If you watch any television over the next few days, you’re likely to see heavy coverage of Hurricane Sandy. The hurricane’s nicknamed “Frankenstorm,” due to it’s Halloween timing and it’s expected damage potential, so the coverage is probably warranted. Yet, if you’re not directly affected, you might think the forecasters are going overboard. And that’s a valid criticism.
But imagine not having any access to accurate weather information. The truth is, the kind of weather coverage you’re about to see actually saves lives. More importantly, we can thank Democrats for providing the funding and encouraging the technology that saves lives, too.
Stick with me. This might be a little nerdy, but there are some interesting weather milestones that might change your perspective, via the National Weather Service:
1870: President Ulysses S. Grant signs joint resolution of Congress authorizing Secretary of War to establish a national weather service.
Oct. 1, 1890: the Weather Service was first identified as a civilian enterprise when Congress, at the request of President Benjamin Harrison, passed an act creating a Weather Bureau in the Department of Agriculture.
1912: As a result of the Titanic disaster, an international ice patrol is established, conducted by the Coast Guard; first fire weather forecast issued.
1918: The Weather Bureau begins issuing bulletins and forecasts for domestic military flights and for new air mail routes.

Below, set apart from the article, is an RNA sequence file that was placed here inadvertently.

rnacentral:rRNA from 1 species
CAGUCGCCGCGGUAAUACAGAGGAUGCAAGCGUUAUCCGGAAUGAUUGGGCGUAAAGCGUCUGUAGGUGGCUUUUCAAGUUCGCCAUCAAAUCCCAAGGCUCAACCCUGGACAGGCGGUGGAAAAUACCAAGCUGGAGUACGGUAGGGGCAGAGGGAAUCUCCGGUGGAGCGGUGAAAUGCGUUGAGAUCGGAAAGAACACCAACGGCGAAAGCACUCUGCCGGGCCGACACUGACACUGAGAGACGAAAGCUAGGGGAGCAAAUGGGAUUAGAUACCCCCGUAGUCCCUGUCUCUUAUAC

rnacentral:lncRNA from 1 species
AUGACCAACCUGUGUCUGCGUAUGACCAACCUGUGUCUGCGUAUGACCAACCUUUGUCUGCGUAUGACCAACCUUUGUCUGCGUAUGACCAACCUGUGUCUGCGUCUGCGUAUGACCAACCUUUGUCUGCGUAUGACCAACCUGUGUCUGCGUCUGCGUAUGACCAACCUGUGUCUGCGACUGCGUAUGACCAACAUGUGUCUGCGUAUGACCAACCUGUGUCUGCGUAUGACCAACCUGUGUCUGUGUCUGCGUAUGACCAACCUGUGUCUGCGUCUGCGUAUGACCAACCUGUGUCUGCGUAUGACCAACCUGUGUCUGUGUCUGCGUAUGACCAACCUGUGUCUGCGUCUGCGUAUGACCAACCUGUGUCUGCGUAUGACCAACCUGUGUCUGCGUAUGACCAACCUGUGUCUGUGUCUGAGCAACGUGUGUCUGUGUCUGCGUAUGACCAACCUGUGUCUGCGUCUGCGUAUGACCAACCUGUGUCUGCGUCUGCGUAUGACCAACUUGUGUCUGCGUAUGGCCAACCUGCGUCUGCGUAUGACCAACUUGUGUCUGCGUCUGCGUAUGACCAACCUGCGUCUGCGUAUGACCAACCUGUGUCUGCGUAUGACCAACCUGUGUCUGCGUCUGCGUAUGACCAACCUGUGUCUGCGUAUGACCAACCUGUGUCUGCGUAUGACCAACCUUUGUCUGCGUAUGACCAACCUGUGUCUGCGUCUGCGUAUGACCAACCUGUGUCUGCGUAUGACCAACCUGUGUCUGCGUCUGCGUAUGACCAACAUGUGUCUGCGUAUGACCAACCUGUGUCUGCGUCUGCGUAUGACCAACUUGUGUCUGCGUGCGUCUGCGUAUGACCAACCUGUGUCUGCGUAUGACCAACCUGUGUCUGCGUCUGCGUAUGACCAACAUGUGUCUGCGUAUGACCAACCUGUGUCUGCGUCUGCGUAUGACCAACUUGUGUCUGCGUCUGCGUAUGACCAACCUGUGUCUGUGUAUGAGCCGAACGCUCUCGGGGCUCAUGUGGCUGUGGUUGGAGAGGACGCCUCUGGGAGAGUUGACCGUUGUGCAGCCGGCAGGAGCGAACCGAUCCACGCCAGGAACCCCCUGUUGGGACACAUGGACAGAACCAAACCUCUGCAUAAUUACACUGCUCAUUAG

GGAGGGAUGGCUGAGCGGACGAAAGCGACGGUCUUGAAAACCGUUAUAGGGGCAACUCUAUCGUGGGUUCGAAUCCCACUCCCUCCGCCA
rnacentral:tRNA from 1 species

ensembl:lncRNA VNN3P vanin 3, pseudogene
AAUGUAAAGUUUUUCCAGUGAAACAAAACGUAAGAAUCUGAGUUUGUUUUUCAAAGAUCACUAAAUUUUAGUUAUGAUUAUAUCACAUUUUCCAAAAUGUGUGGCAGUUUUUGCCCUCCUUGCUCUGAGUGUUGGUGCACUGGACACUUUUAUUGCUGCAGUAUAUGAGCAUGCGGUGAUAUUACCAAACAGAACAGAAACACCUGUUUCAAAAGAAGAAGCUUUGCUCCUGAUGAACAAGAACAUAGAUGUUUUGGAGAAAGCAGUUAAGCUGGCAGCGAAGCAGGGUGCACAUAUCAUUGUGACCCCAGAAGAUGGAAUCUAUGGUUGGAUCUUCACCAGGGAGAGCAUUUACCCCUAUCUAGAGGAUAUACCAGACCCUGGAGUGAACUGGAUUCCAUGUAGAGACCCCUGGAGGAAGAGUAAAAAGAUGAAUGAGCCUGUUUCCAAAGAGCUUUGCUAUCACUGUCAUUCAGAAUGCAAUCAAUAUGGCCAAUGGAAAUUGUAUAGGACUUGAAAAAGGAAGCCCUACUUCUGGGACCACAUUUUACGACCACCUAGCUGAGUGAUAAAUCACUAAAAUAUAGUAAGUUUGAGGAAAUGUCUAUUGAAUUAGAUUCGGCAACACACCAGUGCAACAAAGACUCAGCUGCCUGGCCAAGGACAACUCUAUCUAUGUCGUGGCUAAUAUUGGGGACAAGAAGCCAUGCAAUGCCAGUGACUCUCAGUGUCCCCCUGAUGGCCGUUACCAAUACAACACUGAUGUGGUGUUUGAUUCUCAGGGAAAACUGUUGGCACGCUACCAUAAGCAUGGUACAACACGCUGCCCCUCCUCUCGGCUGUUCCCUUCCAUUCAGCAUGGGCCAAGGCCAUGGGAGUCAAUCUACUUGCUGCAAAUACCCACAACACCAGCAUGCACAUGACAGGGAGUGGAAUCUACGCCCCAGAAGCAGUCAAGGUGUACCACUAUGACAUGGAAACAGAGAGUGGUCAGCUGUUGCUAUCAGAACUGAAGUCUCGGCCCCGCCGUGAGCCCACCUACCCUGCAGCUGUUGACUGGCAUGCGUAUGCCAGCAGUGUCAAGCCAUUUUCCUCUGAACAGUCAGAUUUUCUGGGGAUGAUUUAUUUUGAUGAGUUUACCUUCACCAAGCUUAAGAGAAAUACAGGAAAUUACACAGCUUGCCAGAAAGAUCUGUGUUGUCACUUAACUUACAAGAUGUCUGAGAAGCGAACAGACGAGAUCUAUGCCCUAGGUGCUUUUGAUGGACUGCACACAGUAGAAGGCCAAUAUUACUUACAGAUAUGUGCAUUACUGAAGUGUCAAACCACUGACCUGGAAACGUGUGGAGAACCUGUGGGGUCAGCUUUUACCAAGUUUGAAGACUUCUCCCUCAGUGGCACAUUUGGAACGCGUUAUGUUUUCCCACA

1926: The Air Commerce Act directs the Weather Bureau to provide for weather services to civilian aviation; fire weather service formally inaugurated when Congress provides funds for seven fire weather districts.
1933: A science advisory group apprizes President Franklin D. Roosevelt that the work of the volunteer Cooperative Observer Program is one of the most extraordinary services ever developed, netting the public more benefits per dollar expended than any other government service in the world. By 2010 the network encompasses more than 11,000 stations.
1935: A hurricane warning service is established.
1945: More than 900 women are employed by the Weather Bureau as observers and forecasters, as a result of filling positions of men during World War II.
1948: USAF Air Weather Service meteorologists issue first tornado warnings from Tinker Air Force Base.
1950: The Weather Bureau begins issuing 30-day weather outlooks; authorizes release of “tornado alerts” to the public.
1961: President Kennedy, in his State of the Union address, invites all nations to join the United States in developing an International Weather Prediction Program.
2011 : The National Oceanic and Atmospheric Administration spent extra money on jet flights and weather balloons to predict Hurricane Irene last year. The result was a “gold medal” forecast. As a result, millions of people along the Eastern Seaboard were prepared before the storm made landfall.
So, go ahead and ignore the hype if “Frankenstorm” won’t affect your weekend. But keep in mind, key political decisions made modern-day weather forecasting possible.